Temporal-Frequency Modulation of Luminance Flicker

In principle, the bandpass function reported above could merely reflect a sensitivity to temporal-frequency modulation (FM) in the pixel luminance of the drifting grating rather than a sensitivity to velocity changes in the motion domain. To test the contribution of luminance FM, we measured detection thresholds for the temporal-frequency modulation of luminance flicker in a disk stimulus. We decided against using a grating stimulus because a phase-inverting (i.e., counterphasing) grating stimulus is mathematically equivalent to two gratings drifting in opposite directions. Depending on the course of the observer's voluntary attention, counterphasing gratings can elicit momentary percepts of directional motion along either of the two grating components (Cavanagh, 1992). We therefore elected to use a stimulus—a flickering disk—that does not elicit apparent motion to avoid confounding attentive motion tracking with sensitivity to luminance FM. Disk stimuli were displayed on each side of fixation for 2 s where each disk was repetitively inverted in luminance between brighter and darker with respect to the mean luminance background at a temporal frequency of 10.7 Hz. However, a sinusoidal temporal-frequency modulation from one of several temporal frequencies (0.25–8 Hz) was added to one of the two disks. Stimulus diameter was 2.1°—the same as a cycle of the grating stimuli used in the velocity modulation experiment—and the periphery was blurred by a cosine ramp over a spatial extent of 0.5°. Eccentricity (2.1°) and luminance contrast (0.4) matched those of the main velocity modulation experiment. Observers indicated which of the two disk stimuli contained a temporal-frequency modulation of luminance flicker, and detection thresholds were estimated after the measurements. All other experimental procedures were identical to those in the main experiment. Three of the original observers as well as another participant took part in these measurements.

Figure 3 shows modulation sensitivity for luminance flicker as a function of the modulation frequency. An ANOVA shows the main effect of modulation frequency [ANOVA: F(5, 15) = 7.377, p = 0.001]. Modulation sensitivity is constant up to 2 Hz [p > 0.134, n. s.] but falls at higher temporal frequencies (p < 0.047), thereby indicating a lowpass shape function. We conducted a systems analysis again. On average, the RMS error of the fitting was 0.07, and the correlation coefficient between the fitted and observed data was 0.96. The average estimates of n, k, transient factor, and amplitude were 1.01, 15.02, 0.001, and 0.35 respectively. The value of the transient factor is not statistically different from its value for long-window stimuli in the main experiment (unpaired t-test in log scale: p = 0.856, n. s.) but is significantly lower statistically than its value for short-window stimuli (unpaired t-test in log scale: p = 0.035). While the shape of the data does not appear to be strictly lowpass, statistical analyses nonetheless show that a similar lowpass shape is observed for long-window stimuli in the main experiment. These results demonstrate that the bandpass function obtained in the main experiment depends on velocity modulation but not on the temporal-frequency modulation of luminance components.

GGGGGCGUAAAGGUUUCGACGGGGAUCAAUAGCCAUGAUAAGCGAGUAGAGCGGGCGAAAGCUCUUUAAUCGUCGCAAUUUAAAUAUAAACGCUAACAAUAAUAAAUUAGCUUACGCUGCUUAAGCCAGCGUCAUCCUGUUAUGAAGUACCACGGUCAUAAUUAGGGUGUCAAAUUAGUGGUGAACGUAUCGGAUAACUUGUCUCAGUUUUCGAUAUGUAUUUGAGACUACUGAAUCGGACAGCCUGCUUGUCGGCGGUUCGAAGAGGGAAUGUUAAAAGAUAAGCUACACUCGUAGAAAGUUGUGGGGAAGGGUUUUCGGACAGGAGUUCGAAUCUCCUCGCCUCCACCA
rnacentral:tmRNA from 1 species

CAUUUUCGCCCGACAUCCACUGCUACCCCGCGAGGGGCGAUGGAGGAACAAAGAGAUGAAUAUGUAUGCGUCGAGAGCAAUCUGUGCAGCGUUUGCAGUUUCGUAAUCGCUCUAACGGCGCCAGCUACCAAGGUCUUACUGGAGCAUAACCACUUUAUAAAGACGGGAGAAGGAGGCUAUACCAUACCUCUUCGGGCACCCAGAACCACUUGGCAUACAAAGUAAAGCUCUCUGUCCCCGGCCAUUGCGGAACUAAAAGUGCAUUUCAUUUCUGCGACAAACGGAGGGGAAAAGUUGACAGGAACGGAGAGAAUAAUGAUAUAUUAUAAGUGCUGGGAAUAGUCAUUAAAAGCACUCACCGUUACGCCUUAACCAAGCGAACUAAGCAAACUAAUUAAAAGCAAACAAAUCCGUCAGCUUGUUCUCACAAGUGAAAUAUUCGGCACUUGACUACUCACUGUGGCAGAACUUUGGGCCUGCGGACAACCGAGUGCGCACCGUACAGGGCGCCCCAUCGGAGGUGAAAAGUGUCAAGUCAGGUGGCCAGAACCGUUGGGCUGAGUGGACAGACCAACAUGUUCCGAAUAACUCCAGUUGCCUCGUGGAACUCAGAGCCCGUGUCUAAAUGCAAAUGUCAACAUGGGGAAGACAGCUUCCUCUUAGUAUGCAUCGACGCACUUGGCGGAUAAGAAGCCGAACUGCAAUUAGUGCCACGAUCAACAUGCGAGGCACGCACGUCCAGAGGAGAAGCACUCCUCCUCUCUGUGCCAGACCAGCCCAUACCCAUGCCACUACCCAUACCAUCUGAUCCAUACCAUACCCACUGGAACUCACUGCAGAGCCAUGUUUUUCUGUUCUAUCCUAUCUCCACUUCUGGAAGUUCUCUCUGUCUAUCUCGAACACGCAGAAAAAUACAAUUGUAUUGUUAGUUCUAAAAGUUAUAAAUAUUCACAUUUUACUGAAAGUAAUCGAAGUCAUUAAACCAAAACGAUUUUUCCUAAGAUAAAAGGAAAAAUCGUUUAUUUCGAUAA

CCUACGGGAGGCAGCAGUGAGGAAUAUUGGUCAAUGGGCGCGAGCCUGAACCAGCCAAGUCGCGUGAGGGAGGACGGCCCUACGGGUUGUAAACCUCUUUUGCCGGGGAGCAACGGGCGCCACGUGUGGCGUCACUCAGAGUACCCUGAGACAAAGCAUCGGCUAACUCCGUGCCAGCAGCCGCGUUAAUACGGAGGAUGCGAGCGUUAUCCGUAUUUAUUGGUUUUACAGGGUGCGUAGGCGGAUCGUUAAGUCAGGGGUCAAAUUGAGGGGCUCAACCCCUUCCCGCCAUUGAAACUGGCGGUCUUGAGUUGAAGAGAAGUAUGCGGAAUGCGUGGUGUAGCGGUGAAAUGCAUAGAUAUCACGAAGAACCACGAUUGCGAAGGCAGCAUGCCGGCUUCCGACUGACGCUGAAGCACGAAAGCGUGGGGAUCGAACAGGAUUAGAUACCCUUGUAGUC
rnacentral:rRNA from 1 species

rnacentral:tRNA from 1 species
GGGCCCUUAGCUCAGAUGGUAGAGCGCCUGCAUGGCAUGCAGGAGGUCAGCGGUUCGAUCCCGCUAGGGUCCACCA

FIGURE 3
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Figure 3. Temporal-frequency modulation sensitivity for luminance flicker. Filled circles and MTF curve show results averaged across observers. Error bars represent ±1 SE across observers.

Experiment 2

The results of Experiment 1 imply that short windows reduce the information available about slow modulations. This suggests that some form of spatial integration is required for best performance with slow modulations. And one possible interpretation is that attentive tracking is required, and needs to be deployed over quite long distances. Hence in Experiment 2, we directly examined the effect of focal attention. To this end, detection thresholds were again measured for velocity modulation for long-window stimuli with and without a concurrent letter identification task (single/dual task). If attention plays an important role in detecting slow-rate velocity changes, then we expect that reducing observer attention with a dual task would cause the lowpass sensitivity function to become more bandpass.

Methods

Velocity modulation sensitivity was measured in the same way as Experiment 1 but only for long-window stimuli. During the stimulus-presentation period of 2 s, a rapid-serial visual presentation (RSVP) display appeared concurrently in the center of the screen instead of the fixation point. We used the RSVP display in order to confine the observers' attentional resources throughout stimulus presentation. In the RSVP display, 12 capital alphabetical letters (excluding I, O, Q, Y, Z) were serially presented every 83 ms and separated by a blank interval of 83 ms (6.1 Hz). Each letter was drawn in Arial font in black and subtended 0.36 × 0.36°. Two letters were replaced by two numbers chosen at random between 1 and 9. One of the two numbers appeared somewhere within the 2nd-to-5th letter sequence, and the other number appeared within the 7th-to-11th letter sequence.